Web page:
Regardless of the exact description of the current legal system, there is no doubt about the fact that the progressive tendency toward finalist judicialism puts at risk its very survival. This trend also opens a brand new set of puzzles and problems, in particular that of the delegitimization of the Legislature and, therefore, the representative democracy that motivates it.
At this point, it must be pointed out that, sometimes, judicial activism is caused by factors different from direct intervention from the Executive. In fact, in recent times, policy reforms aimed to solve the economic crisis have been the one affecting citizens and collectives the most, and caused criticism that judges have carefully considered when making a decision. Nonetheless, regardless of the reason, this activism damages not only the sacred separation of powers that must inform all liberal democracies, but also the legal security of economic agents, with its various implications —among others, for Justice itself.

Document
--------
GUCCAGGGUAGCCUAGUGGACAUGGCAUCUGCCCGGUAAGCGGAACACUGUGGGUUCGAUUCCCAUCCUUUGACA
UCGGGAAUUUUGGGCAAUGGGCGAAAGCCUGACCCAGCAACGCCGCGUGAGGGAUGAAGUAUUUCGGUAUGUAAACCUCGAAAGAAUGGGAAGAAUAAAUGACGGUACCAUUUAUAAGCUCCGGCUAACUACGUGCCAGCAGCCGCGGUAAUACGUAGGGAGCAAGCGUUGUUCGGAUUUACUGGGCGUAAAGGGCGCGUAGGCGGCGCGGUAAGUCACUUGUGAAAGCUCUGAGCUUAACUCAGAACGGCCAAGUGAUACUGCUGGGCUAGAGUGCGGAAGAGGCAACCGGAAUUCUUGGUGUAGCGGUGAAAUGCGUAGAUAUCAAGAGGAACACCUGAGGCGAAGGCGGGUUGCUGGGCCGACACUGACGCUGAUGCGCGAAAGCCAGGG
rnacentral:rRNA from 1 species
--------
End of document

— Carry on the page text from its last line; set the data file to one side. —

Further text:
As for judicial populism, that is the second sort of interference mentioned above, as it is something that speaks of the overreaching of judges in their competences. It is similar to judicial activism. However, whereas the latter looks for greater maneuvering for the judiciary in contrast to the legislative, the former seeks the citizenry’s approval and, at the same time, affinity between the judiciary and public opinion. Not in vain, public opinion is capable of put great pressure on it, creating true media judgments which occur in front of everyone, feed by leaks, partisan interests, ideologies, etc.
A gradual adaptation to social, cultural and economic demands should be welcome, but such a reform belongs to Parliament
The tax on mortgages